Summary: A Message from Mars (Hill)1) Non-Christians, God is near you! 2) Christians, God is revealed through you!
Eight million dollars. That’s how much is to be spent this year to operate one radio telescope, that big one in Puerto Rico. One purpose of this gigantic electronic ear is to catch the faintest whisper of extra terrestrial life…if it exists. There are thousands of radio telescopes around the world. Think of all the money going to operate those things. Why do you suppose so much is spent on that kind of research when there are many other needs closer to home? Instead of straining to hear what E.T. might have to say shouldn’t we, for example, be listening to and addressing the needs of the homeless in our midst?
I think so much money is spent on trying to detect messages from outer space because the people of this world want confirmation that they’re not alone. They even hope that if there is life out there, it can somehow help us down here. Well believe it or not, I have a message from Mars to share with you this morning. It’s a message that assures us that we’re not alone and that there is someone out there to help us. No, this message is not from the planet Mars but Mars Hill, a hill in the ancient city of Athens where, a couple thousand years ago, the Apostle Paul preached. This message is for both non-Christians and Christians. To non-Christians, Paul says: “God is near you!” And to Christians, Paul reminds: “God is revealed through you!”
Paul ended up in Athens after being run out of Thessalonica and Berea on his second missionary journey. While he waited for his sidekicks, Timothy and Silas, to catch up with him, he toured Athens and noticed that its citizens were very religious. For starters, a huge temple dedicated to Athena, the supposed goddess of wisdom and war (among other things), crowned the city. Below the Parthenon, as this temple was called, were other temples and idols scattered throughout the main marketplace. On his jaunt through town one particular idol caught Paul’s eye. The inscription under the idol read: “To An Unknown God.” Paul used that as his opportunity to tell the Athenians about the true God. He did so beginning in the synagogue, and then in the marketplace, and finally on Mars Hill, a little hill above the marketplace where people eager to hear “new” ideas gathered. Listen to Paul’s message from Mars Hill. “Men of Athens! I see that in every way you are very religious. 23 For as I walked around and looked carefully at your objects of worship, I even found an altar with this inscription: TO AN UNKNOWN GOD. Now what you worship as something unknown I am going to proclaim to you. 24 “The God who made the world and everything in it is the Lord of heaven and earth and does not live in temples built by hands. 25 And he is not served by human hands, as if he needed anything, because he himself gives all men life and breath and everything else. 26 From one man he made every nation of men, that they should inhabit the whole earth; and he determined the times set for them and the exact places where they should live. 27 God did this so that men would seek him and perhaps reach out for him and find him, though he is not far from each one of us. 28 ‘For in him we live and move and have our being.’ As some of your own poets have said, ‘We are his offspring.’ 29 “Therefore since we are God’s offspring, we should not think that the divine being is like gold or silver or stone—an image made by man’s design and skill. 30 In the past God overlooked such ignorance, but now he commands all people everywhere to repent. 31 For he has set a day when he will judge the world with justice by the man he has appointed. He has given proof of this to all men by raising him from the dead” (Acts 17:22b-31).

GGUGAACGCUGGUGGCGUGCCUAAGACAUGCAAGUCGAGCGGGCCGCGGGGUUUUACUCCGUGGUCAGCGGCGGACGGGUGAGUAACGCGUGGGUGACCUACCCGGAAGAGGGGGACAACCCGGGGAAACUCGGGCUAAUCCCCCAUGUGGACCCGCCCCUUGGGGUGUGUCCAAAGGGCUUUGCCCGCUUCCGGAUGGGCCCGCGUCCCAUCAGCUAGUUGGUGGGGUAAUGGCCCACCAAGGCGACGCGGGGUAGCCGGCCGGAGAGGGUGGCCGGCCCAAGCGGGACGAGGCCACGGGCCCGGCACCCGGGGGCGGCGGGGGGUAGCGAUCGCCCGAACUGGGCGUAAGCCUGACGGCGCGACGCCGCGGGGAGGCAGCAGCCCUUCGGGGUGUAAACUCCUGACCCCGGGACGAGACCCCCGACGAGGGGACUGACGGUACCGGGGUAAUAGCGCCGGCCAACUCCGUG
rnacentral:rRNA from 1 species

“God is near you!” That summarizes Paul’s message to the non-Christian Athenians. It sounds positive doesn’t it? But if someone says to you on a climb up Mt. Everest, “You’re near the top!” it means that while you’re close, you haven’t reached your goal yet and so you’d better keep climbing. The goal of the Athenians was to be liked by God for they knew that there was a higher power who governed the world and who could make or break their life. They had done everything they could think of to please this God, but according to Paul, they hadn’t quite succeeded. What these Athenians failed to realize is just how immense and powerful God is. They thought they could build stone and metal statues to accurately represent him. And they figured they could manipulate him with the right animal sacrifice. No, it’s God that does the controlling, says Paul. “…he determined the times set for [men] and the exact places where they should live” (Acts 17:26b).